25 July 2020: Cheryl WANG Yu and David LEE Kuo Chuen (Professor SUSS and Vice President, Economic Society of Singapore. "Programmable Government and The Value of Everything Economy"
Programmable governance for transparency, traceability and accountability is the future for not only China but also the rest of the world. No one would have thought that Satoshi Nakamoto, a name associated with cypherpunks, would appear in government official documents, especially in a country governed by the communists. That indeed is the case in the latest government report in China. In China, centralised governance is combined with distributed ledger technology² to build a Value for Everything (VoE) economy. VoE economy tokenises activities and things and excludes no one from the financial and economic systems.
Blockchain technology is now the focus of governments to build a VoE economy. The technology has entered into the arena that sees constant struggles between central and local governments, especially in regards to transparency in fiscal management and implementation of the regulatory framework. In the 1.4 billion populated Middle Kingdom, blockchain has become a powerful tool for the centralised authority. The mission of the cypherpunks is trust and power so that privacy is protected. Instead, some believe that blockchain technology leads to a more concentration of power and information. That need not be the case if the cryptography and distributed ledger technology are used appropriately. There is no contradiction in offline centralised governance and online distributed trust. The technology is neutral, and the outcome remains unknown. It all depends on the underlying blockchain design and the intention of the community and creator. What is clear, however, is the technology leads to more transparency and traceability, and therefore accountability for stakeholders.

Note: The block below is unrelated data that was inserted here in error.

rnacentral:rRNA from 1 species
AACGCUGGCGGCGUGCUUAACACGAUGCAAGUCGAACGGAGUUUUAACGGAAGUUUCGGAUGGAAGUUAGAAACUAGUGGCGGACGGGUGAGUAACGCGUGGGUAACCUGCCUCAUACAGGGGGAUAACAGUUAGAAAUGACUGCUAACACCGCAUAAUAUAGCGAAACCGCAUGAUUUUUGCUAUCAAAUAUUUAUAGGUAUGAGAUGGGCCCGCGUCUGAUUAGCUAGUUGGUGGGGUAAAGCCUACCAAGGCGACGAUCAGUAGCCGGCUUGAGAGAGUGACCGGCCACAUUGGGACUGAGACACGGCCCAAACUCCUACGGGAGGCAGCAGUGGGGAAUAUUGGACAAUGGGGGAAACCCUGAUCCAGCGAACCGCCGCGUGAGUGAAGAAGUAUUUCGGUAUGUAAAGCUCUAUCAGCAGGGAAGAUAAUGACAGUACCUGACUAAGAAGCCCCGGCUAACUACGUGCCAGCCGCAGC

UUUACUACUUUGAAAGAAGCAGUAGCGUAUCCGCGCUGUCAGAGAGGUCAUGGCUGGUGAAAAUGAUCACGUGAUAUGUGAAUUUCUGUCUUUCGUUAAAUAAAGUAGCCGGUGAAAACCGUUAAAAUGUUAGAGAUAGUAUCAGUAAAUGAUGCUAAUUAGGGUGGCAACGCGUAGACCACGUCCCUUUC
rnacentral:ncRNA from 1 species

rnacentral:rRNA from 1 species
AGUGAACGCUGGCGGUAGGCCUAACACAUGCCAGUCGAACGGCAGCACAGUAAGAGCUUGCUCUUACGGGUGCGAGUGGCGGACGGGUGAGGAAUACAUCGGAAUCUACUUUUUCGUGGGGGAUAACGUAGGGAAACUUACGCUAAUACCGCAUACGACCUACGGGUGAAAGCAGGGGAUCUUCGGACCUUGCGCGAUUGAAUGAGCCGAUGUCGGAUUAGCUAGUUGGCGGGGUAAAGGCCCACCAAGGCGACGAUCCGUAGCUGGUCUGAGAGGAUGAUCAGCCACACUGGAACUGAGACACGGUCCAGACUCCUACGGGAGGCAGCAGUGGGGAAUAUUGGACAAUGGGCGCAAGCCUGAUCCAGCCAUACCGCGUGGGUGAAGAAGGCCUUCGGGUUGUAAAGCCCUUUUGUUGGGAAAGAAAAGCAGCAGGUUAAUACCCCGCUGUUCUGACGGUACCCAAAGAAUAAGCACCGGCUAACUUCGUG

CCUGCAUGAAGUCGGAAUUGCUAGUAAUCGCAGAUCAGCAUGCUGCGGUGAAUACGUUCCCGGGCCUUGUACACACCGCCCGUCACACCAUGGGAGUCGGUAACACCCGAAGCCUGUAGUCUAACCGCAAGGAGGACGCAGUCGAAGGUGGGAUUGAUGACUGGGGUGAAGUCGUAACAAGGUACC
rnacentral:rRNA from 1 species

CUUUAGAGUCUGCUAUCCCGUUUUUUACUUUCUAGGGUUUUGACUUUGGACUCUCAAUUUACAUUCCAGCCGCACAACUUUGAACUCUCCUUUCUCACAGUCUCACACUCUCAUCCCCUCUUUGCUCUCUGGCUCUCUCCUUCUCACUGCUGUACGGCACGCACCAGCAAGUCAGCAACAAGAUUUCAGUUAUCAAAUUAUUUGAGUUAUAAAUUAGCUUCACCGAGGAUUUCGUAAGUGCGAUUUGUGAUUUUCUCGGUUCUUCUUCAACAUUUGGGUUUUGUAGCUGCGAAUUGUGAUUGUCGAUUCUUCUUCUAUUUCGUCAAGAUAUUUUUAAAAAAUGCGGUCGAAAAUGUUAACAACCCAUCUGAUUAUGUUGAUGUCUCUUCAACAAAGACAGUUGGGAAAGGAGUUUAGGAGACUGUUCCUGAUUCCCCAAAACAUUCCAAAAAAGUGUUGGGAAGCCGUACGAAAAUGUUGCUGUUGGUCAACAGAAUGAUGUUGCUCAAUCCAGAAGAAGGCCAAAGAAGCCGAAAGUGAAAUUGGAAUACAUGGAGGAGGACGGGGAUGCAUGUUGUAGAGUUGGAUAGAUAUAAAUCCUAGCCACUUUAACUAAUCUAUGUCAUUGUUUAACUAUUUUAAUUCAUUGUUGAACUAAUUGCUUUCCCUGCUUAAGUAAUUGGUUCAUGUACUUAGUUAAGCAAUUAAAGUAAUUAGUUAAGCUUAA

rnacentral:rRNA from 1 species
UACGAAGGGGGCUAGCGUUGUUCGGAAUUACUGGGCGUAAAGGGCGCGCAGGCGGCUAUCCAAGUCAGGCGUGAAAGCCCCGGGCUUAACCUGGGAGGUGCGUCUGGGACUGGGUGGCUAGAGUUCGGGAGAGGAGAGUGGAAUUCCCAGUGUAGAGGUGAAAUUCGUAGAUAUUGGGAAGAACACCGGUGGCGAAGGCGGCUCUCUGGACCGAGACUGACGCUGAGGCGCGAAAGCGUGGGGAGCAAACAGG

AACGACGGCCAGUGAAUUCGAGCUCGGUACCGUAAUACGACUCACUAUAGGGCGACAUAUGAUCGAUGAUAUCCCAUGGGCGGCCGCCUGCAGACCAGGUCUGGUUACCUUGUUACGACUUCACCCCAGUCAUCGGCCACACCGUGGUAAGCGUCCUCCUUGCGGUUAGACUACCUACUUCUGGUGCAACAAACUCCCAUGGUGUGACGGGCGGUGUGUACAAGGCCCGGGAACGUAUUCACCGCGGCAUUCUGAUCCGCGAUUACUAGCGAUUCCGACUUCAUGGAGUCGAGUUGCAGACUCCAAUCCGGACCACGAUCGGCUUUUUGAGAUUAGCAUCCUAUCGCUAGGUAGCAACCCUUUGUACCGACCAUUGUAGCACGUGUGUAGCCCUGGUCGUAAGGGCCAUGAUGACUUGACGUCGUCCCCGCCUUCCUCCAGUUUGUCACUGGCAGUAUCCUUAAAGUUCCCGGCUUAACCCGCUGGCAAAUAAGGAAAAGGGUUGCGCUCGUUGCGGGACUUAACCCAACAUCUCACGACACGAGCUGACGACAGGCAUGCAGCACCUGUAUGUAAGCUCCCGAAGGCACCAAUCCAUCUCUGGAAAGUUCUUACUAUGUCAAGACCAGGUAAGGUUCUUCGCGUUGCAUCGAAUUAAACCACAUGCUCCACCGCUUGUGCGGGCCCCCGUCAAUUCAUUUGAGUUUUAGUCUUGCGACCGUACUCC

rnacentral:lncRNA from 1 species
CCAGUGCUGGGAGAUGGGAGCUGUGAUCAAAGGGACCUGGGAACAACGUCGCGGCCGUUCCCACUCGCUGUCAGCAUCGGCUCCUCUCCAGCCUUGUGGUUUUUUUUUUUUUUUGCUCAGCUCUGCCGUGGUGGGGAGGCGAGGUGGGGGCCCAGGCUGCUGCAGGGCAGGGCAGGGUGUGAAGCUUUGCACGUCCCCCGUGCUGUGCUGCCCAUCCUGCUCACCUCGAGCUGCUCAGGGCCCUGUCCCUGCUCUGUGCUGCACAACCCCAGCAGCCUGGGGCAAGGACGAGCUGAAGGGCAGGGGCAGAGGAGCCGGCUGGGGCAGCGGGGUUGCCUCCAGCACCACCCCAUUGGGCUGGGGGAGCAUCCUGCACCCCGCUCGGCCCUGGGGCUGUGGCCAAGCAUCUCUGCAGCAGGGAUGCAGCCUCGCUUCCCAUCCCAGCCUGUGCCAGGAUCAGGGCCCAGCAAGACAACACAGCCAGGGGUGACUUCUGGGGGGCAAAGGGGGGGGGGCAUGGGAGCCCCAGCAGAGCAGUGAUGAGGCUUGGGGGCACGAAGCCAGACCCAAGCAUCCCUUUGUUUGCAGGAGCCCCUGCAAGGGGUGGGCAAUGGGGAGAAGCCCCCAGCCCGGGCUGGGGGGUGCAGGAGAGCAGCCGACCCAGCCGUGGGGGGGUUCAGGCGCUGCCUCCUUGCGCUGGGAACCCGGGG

This latest development in China requires close attention and the world should take notice. To accelerate the growth of blockchain technology and industrial innovation, the Beijing government has taken several initiatives. The Beijing Municipal Service Administration, Beijing Municipal Science and Technology Committee, and Beijing Municipal Bureau of Economics and Information Technology³ have made many efforts towards the application of blockchain technology in the realm of government services with significant achievements. To that end, the Beijing Blockchain Professionals Working Group⁴ has compiled a 141-page Innovation Blueprint of Blockchain Applications in the Government Services (or the Blueprint⁵). The report was officially released in July 2020. It summarises the developments of blockchain infrastructure construction and application status in Beijing. The intention is clear, blockchain is considered a public infrastructure, and it is not difficult to imagine that the central government will “build” this infrastructure throughout the country. This new GovTech leads to transparency and traceability and ensures compliance with centralised directives in the local governments.